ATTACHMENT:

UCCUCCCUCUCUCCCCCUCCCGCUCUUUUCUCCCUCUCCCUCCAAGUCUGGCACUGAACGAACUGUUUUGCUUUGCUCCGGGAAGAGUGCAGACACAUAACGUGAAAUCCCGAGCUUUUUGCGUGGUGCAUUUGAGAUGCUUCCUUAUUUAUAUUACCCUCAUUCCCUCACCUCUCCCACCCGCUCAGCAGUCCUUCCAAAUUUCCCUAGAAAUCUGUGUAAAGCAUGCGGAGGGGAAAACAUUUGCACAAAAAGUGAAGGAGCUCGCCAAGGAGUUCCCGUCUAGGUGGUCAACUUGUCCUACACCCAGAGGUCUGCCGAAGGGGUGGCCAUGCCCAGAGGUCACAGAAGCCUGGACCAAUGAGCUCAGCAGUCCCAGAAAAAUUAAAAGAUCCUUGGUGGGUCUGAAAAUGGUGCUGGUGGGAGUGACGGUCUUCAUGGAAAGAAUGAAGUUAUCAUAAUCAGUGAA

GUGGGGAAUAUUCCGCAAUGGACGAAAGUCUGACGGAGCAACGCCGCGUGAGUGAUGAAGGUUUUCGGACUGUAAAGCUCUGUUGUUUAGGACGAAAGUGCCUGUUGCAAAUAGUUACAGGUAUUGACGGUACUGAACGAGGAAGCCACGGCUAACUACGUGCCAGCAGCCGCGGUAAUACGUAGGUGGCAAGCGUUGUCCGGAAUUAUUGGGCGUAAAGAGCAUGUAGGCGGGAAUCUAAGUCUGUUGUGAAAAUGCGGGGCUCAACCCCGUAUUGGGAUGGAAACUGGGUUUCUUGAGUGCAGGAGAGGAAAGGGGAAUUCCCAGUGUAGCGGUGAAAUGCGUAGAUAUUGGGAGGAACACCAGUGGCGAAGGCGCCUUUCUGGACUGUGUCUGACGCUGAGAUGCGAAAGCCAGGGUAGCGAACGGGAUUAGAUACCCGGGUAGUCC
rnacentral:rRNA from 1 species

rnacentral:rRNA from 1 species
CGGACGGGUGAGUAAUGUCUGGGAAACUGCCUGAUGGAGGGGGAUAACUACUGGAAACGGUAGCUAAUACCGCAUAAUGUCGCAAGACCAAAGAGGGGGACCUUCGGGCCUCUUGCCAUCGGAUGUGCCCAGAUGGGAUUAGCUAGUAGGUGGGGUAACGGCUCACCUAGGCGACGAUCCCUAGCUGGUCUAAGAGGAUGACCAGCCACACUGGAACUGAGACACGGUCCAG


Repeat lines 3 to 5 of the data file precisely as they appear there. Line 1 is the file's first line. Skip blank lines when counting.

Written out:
rnacentral:rRNA from 1 species

rnacentral:rRNA from 1 species
CGGACGGGUGAGUAAUGUCUGGGAAACUGCCUGAUGGAGGGGGAUAACUACUGGAAACGGUAGCUAAUACCGCAUAAUGUCGCAAGACCAAAGAGGGGGACCUUCGGGCCUCUUGCCAUCGGAUGUGCCCAGAUGGGAUUAGCUAGUAGGUGGGGUAACGGCUCACCUAGGCGACGAUCCCUAGCUGGUCUAAGAGGAUGACCAGCCACACUGGAACUGAGACACGGUCCAG